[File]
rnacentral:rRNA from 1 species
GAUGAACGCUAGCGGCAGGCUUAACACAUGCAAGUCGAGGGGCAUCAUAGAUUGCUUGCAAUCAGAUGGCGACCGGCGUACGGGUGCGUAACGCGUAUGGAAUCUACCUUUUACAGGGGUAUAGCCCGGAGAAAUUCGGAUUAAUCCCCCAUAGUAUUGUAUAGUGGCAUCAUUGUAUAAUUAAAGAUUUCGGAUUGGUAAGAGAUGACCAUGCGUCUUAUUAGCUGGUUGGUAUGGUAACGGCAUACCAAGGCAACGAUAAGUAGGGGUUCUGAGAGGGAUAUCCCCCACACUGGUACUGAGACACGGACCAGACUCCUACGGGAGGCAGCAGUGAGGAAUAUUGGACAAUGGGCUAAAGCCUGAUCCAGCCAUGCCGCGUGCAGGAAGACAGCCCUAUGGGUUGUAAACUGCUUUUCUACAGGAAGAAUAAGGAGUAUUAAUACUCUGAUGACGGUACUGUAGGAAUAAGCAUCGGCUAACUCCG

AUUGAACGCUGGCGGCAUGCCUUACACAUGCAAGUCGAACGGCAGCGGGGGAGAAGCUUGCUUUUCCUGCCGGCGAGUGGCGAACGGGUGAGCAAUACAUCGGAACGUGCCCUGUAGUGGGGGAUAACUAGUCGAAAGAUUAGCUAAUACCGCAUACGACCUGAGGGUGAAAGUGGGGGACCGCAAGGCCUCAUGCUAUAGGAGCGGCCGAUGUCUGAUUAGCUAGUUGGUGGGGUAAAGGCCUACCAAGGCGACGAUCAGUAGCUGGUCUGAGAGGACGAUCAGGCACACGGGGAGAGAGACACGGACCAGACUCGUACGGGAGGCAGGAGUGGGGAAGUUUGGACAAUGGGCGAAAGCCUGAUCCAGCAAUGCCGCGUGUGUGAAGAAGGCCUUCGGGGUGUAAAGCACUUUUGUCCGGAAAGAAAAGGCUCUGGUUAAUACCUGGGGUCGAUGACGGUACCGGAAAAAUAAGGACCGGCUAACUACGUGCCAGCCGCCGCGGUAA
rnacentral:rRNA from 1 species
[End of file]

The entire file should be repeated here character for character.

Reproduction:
rnacentral:rRNA from 1 species
GAUGAACGCUAGCGGCAGGCUUAACACAUGCAAGUCGAGGGGCAUCAUAGAUUGCUUGCAAUCAGAUGGCGACCGGCGUACGGGUGCGUAACGCGUAUGGAAUCUACCUUUUACAGGGGUAUAGCCCGGAGAAAUUCGGAUUAAUCCCCCAUAGUAUUGUAUAGUGGCAUCAUUGUAUAAUUAAAGAUUUCGGAUUGGUAAGAGAUGACCAUGCGUCUUAUUAGCUGGUUGGUAUGGUAACGGCAUACCAAGGCAACGAUAAGUAGGGGUUCUGAGAGGGAUAUCCCCCACACUGGUACUGAGACACGGACCAGACUCCUACGGGAGGCAGCAGUGAGGAAUAUUGGACAAUGGGCUAAAGCCUGAUCCAGCCAUGCCGCGUGCAGGAAGACAGCCCUAUGGGUUGUAAACUGCUUUUCUACAGGAAGAAUAAGGAGUAUUAAUACUCUGAUGACGGUACUGUAGGAAUAAGCAUCGGCUAACUCCG

AUUGAACGCUGGCGGCAUGCCUUACACAUGCAAGUCGAACGGCAGCGGGGGAGAAGCUUGCUUUUCCUGCCGGCGAGUGGCGAACGGGUGAGCAAUACAUCGGAACGUGCCCUGUAGUGGGGGAUAACUAGUCGAAAGAUUAGCUAAUACCGCAUACGACCUGAGGGUGAAAGUGGGGGACCGCAAGGCCUCAUGCUAUAGGAGCGGCCGAUGUCUGAUUAGCUAGUUGGUGGGGUAAAGGCCUACCAAGGCGACGAUCAGUAGCUGGUCUGAGAGGACGAUCAGGCACACGGGGAGAGAGACACGGACCAGACUCGUACGGGAGGCAGGAGUGGGGAAGUUUGGACAAUGGGCGAAAGCCUGAUCCAGCAAUGCCGCGUGUGUGAAGAAGGCCUUCGGGGUGUAAAGCACUUUUGUCCGGAAAGAAAAGGCUCUGGUUAAUACCUGGGGUCGAUGACGGUACCGGAAAAAUAAGGACCGGCUAACUACGUGCCAGCCGCCGCGGUAA
rnacentral:rRNA from 1 species